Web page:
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Rant #8: In Which the Author Discusses Spooky Stuff on Television


It's a horror writers' favorite time of the year, right? People are digging horror, AMC is showing a back-to-back-to-oh-God-let-it-stop marathon of the Chucky movies (how, exactly, does something like that get the designation of "classic" anywhere outside the home of the director's blood relatives?), and ghosts and ghouls are all around.

This is true. But what is also true is that it's the best time of the year for my videographic guilty pleasure, that staple of theoretically semi-educational cable channels, the bastion of on-the-cheap fall programming known only as…the ghost documentary. Yes, when leaves start to turn and jumbo-sized candy corn appears in supermarkets, it's time for TLC, Discovery, the History Channel, the Travel Channel, and the What the Hell, There's Nothing Else On Channel to unleash a year's backlog of shot-on-video documentaries purporting to show us the nation's most haunted hotels, beds and breakfasts, former prisons, lighthouses, fast food restaurants, and outhouses.

They're all put together the same, of course. First, you have the breathless narration of the story that supposedly explains the haunting, often with Tom Baker-era Dr. Who-level special effects. Then, the twisty, turny camera angles, often overclocked into slo-mo and filtered for maximum spooky. Next, there's the interviews with folks who may or may not have seen something (the heavily moustachioed park ranger is almost a must), and then the walkthrough with the mandatory two EMP readers, the night vision goggles, and the local psychic. Then it's on to the next location, though there's at least a 50-50 chance that The Myrtles plantation will show up at some point during the broadcast out of general principle.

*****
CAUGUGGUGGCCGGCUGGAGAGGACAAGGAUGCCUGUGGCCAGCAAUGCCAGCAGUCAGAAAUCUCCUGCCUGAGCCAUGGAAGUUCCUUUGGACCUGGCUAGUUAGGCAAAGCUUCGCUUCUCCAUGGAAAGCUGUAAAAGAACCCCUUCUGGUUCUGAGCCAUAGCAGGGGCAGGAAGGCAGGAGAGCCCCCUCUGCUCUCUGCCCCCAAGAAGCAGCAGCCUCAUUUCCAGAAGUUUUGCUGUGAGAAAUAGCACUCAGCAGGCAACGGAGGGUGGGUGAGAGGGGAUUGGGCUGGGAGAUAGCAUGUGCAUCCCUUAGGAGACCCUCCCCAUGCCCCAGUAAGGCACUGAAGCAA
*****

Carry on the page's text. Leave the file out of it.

Now, I have nothing against ghost hunting, ghost hunters, or television about same. I get a tremendous kick out of these shows, as well as some great reference material, and find the whole concept enjoyable. But honestly, they're not very good. They're designed to fill seasonal programming space, the same way Food Network goes psychotic for turkey in mid-November, and provide a few cheap thrills. That's all, nothing else.

I do find myself, even as I get suckered and watch these things, wishing that, well, they were better done. Production values aside, the fact that these are all so formulaic as to be easily reduced to one snark-laden paragraph hints that there's a lack of respect for the source material, and a lack of interest in digging deeper into a subject that weaves deep into local fabric, wherever you go. Every town in America has its haunted places, its La Llorona or doomed lovers or headless soldier story, and often these stories are tied inextricably to the real, fascinating history that has occurred. Often they're tied to landmark architecture or important events, really good stories that could lead to exploration of wider topics or just some good storytelling, instead of cheap scares for one month per year and dust on the shelf for the other eleven.

But it's not going to happen, not this year at least. And I'll still be watching, no doubt. Who knows? Maybe I'll finally learn something new about The Myrtles.

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